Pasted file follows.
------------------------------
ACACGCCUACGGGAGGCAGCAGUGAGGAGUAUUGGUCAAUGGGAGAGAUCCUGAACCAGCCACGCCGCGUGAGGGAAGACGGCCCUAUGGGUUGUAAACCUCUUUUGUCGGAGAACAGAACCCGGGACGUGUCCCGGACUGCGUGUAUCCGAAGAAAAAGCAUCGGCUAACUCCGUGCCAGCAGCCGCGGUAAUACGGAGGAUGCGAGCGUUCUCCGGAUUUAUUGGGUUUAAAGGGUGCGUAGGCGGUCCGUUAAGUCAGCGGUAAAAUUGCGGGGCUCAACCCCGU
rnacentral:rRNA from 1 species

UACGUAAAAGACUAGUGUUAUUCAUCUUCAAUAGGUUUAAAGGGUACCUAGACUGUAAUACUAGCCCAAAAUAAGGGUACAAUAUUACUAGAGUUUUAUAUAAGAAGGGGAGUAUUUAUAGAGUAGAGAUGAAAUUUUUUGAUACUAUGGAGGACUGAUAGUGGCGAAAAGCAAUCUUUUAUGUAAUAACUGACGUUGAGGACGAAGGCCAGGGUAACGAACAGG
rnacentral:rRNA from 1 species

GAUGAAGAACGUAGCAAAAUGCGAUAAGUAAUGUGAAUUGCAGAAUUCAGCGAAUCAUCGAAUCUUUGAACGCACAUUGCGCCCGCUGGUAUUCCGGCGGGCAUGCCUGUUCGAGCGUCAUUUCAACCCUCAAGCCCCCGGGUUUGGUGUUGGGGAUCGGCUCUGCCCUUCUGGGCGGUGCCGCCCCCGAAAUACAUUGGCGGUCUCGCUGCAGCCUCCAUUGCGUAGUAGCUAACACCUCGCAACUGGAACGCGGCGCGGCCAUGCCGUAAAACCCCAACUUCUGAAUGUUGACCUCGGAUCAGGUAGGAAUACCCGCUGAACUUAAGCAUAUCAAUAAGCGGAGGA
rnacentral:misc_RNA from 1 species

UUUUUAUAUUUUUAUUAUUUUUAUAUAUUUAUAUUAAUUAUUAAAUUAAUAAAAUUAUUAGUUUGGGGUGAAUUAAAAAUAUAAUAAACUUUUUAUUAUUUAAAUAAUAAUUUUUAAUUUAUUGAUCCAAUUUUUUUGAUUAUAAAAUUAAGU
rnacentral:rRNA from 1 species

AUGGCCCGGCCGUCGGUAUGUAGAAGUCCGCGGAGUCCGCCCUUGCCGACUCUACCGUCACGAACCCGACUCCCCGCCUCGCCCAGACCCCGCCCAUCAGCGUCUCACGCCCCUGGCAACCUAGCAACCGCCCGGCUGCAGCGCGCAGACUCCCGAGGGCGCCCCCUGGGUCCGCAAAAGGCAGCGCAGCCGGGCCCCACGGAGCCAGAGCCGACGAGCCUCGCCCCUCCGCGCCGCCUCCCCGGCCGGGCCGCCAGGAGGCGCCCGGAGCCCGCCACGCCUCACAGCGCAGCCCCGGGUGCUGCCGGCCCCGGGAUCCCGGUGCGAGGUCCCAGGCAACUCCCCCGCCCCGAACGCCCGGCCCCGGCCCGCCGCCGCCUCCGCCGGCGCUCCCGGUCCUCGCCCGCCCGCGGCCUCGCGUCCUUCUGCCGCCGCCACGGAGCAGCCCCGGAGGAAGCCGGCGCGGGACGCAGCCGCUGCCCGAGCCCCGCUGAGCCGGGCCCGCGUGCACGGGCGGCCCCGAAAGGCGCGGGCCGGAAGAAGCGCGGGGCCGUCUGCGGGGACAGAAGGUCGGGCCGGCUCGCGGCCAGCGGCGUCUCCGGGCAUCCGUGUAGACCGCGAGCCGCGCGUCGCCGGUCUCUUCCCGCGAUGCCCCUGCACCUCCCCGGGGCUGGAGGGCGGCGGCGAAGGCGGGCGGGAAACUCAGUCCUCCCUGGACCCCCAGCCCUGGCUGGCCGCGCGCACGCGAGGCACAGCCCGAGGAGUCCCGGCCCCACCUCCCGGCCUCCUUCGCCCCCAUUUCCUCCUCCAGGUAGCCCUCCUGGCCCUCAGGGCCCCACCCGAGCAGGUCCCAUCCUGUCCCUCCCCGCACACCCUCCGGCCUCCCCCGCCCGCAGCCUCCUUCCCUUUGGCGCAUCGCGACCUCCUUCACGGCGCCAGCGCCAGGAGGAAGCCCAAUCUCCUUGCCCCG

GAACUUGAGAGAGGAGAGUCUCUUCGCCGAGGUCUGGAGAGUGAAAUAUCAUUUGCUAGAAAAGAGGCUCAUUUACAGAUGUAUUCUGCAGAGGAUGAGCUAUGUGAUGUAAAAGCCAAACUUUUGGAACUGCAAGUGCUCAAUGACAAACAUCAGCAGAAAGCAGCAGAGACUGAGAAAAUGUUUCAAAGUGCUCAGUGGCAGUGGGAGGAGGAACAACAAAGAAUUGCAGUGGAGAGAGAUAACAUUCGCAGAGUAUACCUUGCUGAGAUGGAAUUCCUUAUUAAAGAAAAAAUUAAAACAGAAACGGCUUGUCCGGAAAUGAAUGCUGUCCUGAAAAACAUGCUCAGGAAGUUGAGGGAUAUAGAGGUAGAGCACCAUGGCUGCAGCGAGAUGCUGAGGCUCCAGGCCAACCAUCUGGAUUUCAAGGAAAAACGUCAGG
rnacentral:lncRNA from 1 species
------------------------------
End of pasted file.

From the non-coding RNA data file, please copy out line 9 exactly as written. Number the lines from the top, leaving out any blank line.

AUGGCCCGGCCGUCGGUAUGUAGAAGUCCGCGGAGUCCGCCCUUGCCGACUCUACCGUCACGAACCCGACUCCCCGCCUCGCCCAGACCCCGCCCAUCAGCGUCUCACGCCCCUGGCAACCUAGCAACCGCCCGGCUGCAGCGCGCAGACUCCCGAGGGCGCCCCCUGGGUCCGCAAAAGGCAGCGCAGCCGGGCCCCACGGAGCCAGAGCCGACGAGCCUCGCCCCUCCGCGCCGCCUCCCCGGCCGGGCCGCCAGGAGGCGCCCGGAGCCCGCCACGCCUCACAGCGCAGCCCCGGGUGCUGCCGGCCCCGGGAUCCCGGUGCGAGGUCCCAGGCAACUCCCCCGCCCCGAACGCCCGGCCCCGGCCCGCCGCCGCCUCCGCCGGCGCUCCCGGUCCUCGCCCGCCCGCGGCCUCGCGUCCUUCUGCCGCCGCCACGGAGCAGCCCCGGAGGAAGCCGGCGCGGGACGCAGCCGCUGCCCGAGCCCCGCUGAGCCGGGCCCGCGUGCACGGGCGGCCCCGAAAGGCGCGGGCCGGAAGAAGCGCGGGGCCGUCUGCGGGGACAGAAGGUCGGGCCGGCUCGCGGCCAGCGGCGUCUCCGGGCAUCCGUGUAGACCGCGAGCCGCGCGUCGCCGGUCUCUUCCCGCGAUGCCCCUGCACCUCCCCGGGGCUGGAGGGCGGCGGCGAAGGCGGGCGGGAAACUCAGUCCUCCCUGGACCCCCAGCCCUGGCUGGCCGCGCGCACGCGAGGCACAGCCCGAGGAGUCCCGGCCCCACCUCCCGGCCUCCUUCGCCCCCAUUUCCUCCUCCAGGUAGCCCUCCUGGCCCUCAGGGCCCCACCCGAGCAGGUCCCAUCCUGUCCCUCCCCGCACACCCUCCGGCCUCCCCCGCCCGCAGCCUCCUUCCCUUUGGCGCAUCGCGACCUCCUUCACGGCGCCAGCGCCAGGAGGAAGCCCAAUCUCCUUGCCCCG